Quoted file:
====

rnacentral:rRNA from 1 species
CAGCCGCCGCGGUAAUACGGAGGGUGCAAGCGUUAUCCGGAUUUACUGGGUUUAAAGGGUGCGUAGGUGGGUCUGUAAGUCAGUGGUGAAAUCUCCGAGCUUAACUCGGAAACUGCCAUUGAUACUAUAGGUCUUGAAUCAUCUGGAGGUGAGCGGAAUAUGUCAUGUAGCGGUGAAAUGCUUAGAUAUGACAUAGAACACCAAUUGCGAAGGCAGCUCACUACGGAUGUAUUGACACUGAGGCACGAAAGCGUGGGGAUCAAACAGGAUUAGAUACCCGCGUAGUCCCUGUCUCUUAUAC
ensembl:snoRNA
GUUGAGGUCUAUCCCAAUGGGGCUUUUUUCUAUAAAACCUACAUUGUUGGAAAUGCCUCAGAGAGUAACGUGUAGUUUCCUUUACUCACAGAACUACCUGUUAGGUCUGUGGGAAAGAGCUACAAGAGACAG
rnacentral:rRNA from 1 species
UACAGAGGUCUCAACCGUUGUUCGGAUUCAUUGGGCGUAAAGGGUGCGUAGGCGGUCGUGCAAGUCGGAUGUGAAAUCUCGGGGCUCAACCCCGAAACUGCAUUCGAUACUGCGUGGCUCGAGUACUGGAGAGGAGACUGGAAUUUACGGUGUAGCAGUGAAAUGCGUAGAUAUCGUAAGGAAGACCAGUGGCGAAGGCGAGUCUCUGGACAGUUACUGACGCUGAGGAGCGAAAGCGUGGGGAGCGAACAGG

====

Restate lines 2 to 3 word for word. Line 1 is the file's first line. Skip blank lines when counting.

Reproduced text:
CAGCCGCCGCGGUAAUACGGAGGGUGCAAGCGUUAUCCGGAUUUACUGGGUUUAAAGGGUGCGUAGGUGGGUCUGUAAGUCAGUGGUGAAAUCUCCGAGCUUAACUCGGAAACUGCCAUUGAUACUAUAGGUCUUGAAUCAUCUGGAGGUGAGCGGAAUAUGUCAUGUAGCGGUGAAAUGCUUAGAUAUGACAUAGAACACCAAUUGCGAAGGCAGCUCACUACGGAUGUAUUGACACUGAGGCACGAAAGCGUGGGGAUCAAACAGGAUUAGAUACCCGCGUAGUCCCUGUCUCUUAUAC
ensembl:snoRNA